Q. I will be 72 years old in March, so 2022 will be the first year to be subject to the withdrawal requirements. I have two 401 (k). One is from the current employer and the other is from the previous employer. There are also two IRAs and one Roth IRA. I need to know how to calculate the required amount, can I get it from one account? — — Melbourne Beach Sid
A. Sid, it’s always good to think ahead. Roth IRAs are not subject to a mandatory minimum allocation (RMD), so you don’t have to worry about that account.
The minimum allocation (RMD) for all types of accounts covered by RMD is calculated individually for each account and must be obtained from that account unless exceptions apply. There is one exception that certainly applies to you and a second that may help. You will reach them soon.
The 2022 RMD is calculated by taking the account balance for December 31, 2021 and dividing it by the coefficients in the IRS table. If you are single or married to someone under the age of 10 (may be older than you), a uniform life listing the 72-year-old factor in Table III, 27.4 of 2022. Please use the table. If your spouse is 10 years or older than you, use the coefficients in Table II “Life Expectancy of Joint and Last Survivors” in 2022.
Therefore, assuming you are using a Uniform Table, you need to divide the balance of each account as of December 31, 2021 by 27.4 and get its RMD from each of those accounts. For example, if your old 401 (k) is worth $ 100,000 on December 31, 2021, you must get $ 3,650 from that account by the 2022 RMD deadline to meet the 2022 RMD requirements.
The first RMD (2022) will be available by April 1, 2023. Only this first RMD in 2022 can be postponed to the next year. The second RMD will be in 2023 and will expire by December 31, 2023. The 2024 RMD must be completed by December 31, 2024 each year for the rest of your life.
Your question:Can I deduct all charitable donations?
If you do not get the first RMD in 2022 and postpone it to the spring of 2023, you will get two RMDs in 2023 and report income from both in 2023 returns. It can be good or bad. If the 2022 marginal tax rate is lower than 2023, it is probably unwise to delay it. If the marginal tax rate in 2023 is lower than in 2022, you can save some money by delaying it.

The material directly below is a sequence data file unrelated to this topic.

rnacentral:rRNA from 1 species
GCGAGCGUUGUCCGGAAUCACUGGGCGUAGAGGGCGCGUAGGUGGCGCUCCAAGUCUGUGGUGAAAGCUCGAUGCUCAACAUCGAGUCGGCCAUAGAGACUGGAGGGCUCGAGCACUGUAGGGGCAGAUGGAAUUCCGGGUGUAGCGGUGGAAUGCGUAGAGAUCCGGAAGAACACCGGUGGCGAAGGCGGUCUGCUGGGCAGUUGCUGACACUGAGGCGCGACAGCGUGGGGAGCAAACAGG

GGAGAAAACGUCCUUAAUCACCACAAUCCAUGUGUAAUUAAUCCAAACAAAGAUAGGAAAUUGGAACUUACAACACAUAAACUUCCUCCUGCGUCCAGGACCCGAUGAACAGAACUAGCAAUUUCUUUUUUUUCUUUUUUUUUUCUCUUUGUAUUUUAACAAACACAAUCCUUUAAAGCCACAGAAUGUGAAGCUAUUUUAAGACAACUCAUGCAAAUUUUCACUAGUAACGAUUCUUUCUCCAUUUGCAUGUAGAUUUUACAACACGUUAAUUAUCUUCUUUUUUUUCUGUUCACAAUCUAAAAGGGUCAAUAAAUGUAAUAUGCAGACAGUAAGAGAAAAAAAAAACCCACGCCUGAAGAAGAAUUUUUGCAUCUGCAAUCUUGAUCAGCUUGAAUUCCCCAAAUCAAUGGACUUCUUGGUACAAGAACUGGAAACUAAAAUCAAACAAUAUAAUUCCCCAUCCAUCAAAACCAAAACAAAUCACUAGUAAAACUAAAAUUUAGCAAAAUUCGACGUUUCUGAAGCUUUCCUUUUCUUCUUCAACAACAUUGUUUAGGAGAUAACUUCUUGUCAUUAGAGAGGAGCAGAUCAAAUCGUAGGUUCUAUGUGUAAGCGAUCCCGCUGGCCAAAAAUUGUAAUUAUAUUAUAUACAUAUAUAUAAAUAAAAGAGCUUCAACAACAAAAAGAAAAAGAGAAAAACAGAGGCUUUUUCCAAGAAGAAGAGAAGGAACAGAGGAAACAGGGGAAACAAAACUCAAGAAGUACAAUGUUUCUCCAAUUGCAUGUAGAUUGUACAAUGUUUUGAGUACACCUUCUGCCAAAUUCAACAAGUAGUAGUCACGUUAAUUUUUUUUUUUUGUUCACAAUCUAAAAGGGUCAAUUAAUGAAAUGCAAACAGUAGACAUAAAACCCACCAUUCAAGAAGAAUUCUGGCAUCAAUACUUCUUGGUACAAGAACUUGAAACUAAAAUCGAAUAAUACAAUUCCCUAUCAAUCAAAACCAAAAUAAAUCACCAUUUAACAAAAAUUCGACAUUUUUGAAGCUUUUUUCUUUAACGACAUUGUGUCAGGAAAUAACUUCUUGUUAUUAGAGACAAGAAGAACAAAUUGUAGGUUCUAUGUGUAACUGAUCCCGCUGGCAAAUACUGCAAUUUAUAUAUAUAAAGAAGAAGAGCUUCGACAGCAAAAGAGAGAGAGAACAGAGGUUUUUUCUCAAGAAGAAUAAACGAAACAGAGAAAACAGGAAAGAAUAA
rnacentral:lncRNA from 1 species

Well, I said I saw two exceptions to consider. It definitely applies to you and is the most commonly used exception. An IRA RMD can be obtained from that IRA or other IRA account, or any combination of IRA accounts, including traditional IRA, SEP-IRA, SIMPLE-IRA, and SAR-SEPIRA.
The second exception that may apply is to the current employer’s 401 (k). If you have a wording that corresponds to your 401 (k) plan, you don’t own more than 5% of your company, and you continue to work for that company, you may be able to skip the RMD from that 401 (k). .. Account until the year you retire. To find out if your plan has that provision, contact your benefits department or summary plan description.
If you have these provisions, also check if your plan accepts rollovers. If you roll an IRA and roll in your former employer’s 401 (k) balance to your current employer’s 401 (k) by December 31, 2021, these funds will be eligible for current exemption. Because it is included in the plan, it is not subject to RMD. participant.
RMD exists to force the exclusion of money from the severance pay system so that those funds can be taxed. In a future column, I’ll discuss some other ways to reduce your tax obligations.
Dan Moisand of CFP® is a former national president of the Financial Planning Association and has been featured by at least 10 financial planning publications as one of the top financial planners in the United States. He can be contacted at www.moisandfitzgerald.com or 321-253-5400.
You are at that minimum distribution age: where do you start?
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